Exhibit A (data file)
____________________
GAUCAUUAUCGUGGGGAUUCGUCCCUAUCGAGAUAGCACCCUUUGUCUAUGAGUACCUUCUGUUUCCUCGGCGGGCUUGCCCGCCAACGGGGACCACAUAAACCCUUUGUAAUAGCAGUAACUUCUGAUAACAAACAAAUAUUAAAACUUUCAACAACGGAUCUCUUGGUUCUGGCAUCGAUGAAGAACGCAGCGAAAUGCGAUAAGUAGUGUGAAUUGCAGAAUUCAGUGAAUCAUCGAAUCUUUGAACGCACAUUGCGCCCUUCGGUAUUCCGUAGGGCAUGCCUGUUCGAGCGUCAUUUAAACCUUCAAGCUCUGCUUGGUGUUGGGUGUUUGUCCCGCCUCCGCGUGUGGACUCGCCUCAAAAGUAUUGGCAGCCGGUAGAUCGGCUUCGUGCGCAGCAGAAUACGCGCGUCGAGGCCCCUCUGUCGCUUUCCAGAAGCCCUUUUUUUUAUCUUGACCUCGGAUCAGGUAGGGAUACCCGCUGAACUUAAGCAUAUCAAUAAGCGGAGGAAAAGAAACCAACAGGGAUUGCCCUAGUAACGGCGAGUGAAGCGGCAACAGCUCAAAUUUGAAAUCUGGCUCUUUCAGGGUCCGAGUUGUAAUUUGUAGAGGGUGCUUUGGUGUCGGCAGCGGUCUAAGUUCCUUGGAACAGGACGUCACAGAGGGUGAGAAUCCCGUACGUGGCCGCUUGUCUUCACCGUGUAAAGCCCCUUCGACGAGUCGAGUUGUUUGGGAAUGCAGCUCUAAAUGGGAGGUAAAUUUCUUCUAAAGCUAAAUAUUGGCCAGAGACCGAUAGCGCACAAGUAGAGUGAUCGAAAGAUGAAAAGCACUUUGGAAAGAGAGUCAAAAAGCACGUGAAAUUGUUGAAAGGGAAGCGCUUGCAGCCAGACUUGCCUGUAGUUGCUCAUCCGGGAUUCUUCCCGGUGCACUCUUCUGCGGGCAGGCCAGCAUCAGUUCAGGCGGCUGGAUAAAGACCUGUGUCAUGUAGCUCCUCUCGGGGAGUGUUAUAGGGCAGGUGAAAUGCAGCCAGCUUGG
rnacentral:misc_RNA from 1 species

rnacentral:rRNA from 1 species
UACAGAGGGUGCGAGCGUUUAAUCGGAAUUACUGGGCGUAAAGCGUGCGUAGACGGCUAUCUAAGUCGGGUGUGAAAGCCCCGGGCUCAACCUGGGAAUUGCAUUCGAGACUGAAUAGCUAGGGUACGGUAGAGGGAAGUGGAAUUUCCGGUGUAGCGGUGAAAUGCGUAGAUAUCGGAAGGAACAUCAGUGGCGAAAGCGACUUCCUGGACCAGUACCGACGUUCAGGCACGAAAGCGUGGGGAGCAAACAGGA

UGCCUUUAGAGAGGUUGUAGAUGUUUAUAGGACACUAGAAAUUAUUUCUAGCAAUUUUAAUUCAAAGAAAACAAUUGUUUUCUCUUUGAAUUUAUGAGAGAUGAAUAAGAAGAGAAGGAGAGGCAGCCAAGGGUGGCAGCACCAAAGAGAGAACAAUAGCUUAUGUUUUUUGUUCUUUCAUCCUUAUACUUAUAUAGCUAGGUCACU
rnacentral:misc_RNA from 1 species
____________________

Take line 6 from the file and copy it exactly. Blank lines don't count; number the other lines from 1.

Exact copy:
rnacentral:misc_RNA from 1 species